Near Glendive, Montana, I recognized the spot where my 1980 Honda GL1800 Wing stripped the splines where the drive shaft met the final drive while riding home from the Rider Rally in Cody, Wyoming back in 1988.
As some of the guys went to Glendive to see if they could find someone to haul me to town, Leo and I were pushing the bike to try and get shade under a farm road overpass when a local in a pickup truck stopped. He said he had a ramp and tie-downs and asked if I wanted a lift to town. Does a VROCer argue in debate? I sure did and he got me there before the Honda dealer had gotten plates for their motorcycle trailer to come and get me.
The Honda shop went right to work and had a list of parts needed by 1:00 PM. It was Friday and they sent the list to Honda in California marked URGENT RUSH and specifying overnight delivery. It was noon in sunny California and I guess the surfer dude warehouse guy took the afternoon off because there were no parts on Saturday. My friend John stayed with me as I waited four days for the necessary parts, shipped on MONDAY, to arrive.
The senior ladies who ran the gift shop in the Best Western rented videotapes and VCR's, so I caught up on my movies. There was a pool, sauna and restaurant so we kept amused. On Tuesday, after the parts arrived and we picked up the bike, we were heading out when the ladies flagged us down. They gave us a bag of snack type goodies and a hand lettered sign that said CANADA OR BUST!
Often you can have fun even when things are going radically wrong and I believe there are more good people in the world than bad.
Interstate 94 is a much more entertaining highway than I-90. It has many interesting features, like this tree in front of the badlands at Theodore Roosevelt National Park in North Dakota.
While we easily outdistanced the storm first thing in the morning, we spent a lot of time aimed at a very localized storm. Still, the GPS said we'd be turning and we finally did. It doesn't look like much in the photo, but it was much more intimidating in real life. We passed it by.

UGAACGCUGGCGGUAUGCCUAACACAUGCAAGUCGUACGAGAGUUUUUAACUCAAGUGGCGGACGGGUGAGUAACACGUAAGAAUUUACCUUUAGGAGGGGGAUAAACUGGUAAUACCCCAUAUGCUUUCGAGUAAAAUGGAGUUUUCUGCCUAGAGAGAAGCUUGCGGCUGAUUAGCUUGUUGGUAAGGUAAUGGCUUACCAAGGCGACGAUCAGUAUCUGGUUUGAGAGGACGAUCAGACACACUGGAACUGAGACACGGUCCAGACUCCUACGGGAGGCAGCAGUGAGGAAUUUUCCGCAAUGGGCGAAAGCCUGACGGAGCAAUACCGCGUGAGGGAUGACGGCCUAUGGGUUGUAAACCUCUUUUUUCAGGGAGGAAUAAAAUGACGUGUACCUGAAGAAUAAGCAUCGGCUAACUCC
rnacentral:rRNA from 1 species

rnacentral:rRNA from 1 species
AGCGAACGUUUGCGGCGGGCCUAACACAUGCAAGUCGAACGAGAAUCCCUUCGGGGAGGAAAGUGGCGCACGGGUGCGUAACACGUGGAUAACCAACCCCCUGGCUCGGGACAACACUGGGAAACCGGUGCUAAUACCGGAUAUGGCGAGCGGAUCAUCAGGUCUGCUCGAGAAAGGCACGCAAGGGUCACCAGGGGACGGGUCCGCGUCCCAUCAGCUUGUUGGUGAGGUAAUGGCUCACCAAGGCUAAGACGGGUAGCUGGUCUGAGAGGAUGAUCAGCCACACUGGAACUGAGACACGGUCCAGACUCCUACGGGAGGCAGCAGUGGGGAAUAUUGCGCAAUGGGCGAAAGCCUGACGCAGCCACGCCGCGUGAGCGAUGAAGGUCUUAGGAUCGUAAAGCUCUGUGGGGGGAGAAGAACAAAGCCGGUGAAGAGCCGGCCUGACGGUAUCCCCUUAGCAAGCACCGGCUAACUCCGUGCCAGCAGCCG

I had no idea what the Enchanted Highway was when we saw this metal sculpture along I-94 near Dickinson. Next time, we'll make time to travel the 32 miles to Regent and look at all Gary Greff's huge metal sculptures.
(Damn you, Slammer:-)
You know, the prevailing winds on the great plains are usually from the west. On the westbound legs, I look forward to heading east because the wind will be at my back. Invariably, I travel east on the rare days when the east wind is blowing. Today was no exception.
In a North Dakota truck stop, we met a couple on a BMW R1150RT. They were from the Northwest Territories and were headed for Spearfish taking turns in the driver's seat. The heat (low 80's) was really bothering them. I have trouble imagining just where in the NWT you would find the 1150RT to be the bike of choice.
We crossed into Minnesota and left the Interstate in favour of two-lane roads. At a gas stop, I found a couple of sipes on the rear tire almost gone, but most were still clearly visible. The outcome was going to depend on how much meat the tire has on it.
Detroit Lakes was under construction. All of it. The highway, the side roads, streets, all ripped up. The new road is going to be concrete. Riding the thunk, thunk, thunk of a concrete road after a few winters (like US 41 around Green Bay) makes me wonder what they could be thinking.
Duluth was still a ways off, so I checked the GPS and found that there was a Town & Country Motel in McGregor, Minnesota. I called and reserved a room but, when we got to the small community of McGregor and saw the place, we called back and canceled. It didn't look like the kind of place we would like to stop, much less spend the night at. I called ahead and booked a room at the Travelodge in Duluth.
On the way to Duluth, Mom called and told me that our friend Mark 'Kilo' Irwin of North Carolina had suffered a fatal cardiac arrest while riding to see a friend. We were shocked and headed on towards Duluth with heavy hearts. Then, as we were approaching Duluth on I-35, she called again to say that Chuck Burt, our friend from Texas with the perennial cowboy hat, had been killed on the way home from OTI in Oregon. Unbelievable, like a bad dream. We just said goodbye to him on Saturday night.
Reeling, I got lost in Duluth despite the GPS. Not sure what I keyed in but I ended up downtown before I re-input the Travelodge and it took me back six miles. Then the Travelodge was now a Red Roof Inn so I flailed a bit more. It was a very upscale Red Roof and we got settled in but our mood was sombre. After reading the latest information on the VROC newsgroup, we went to bed early.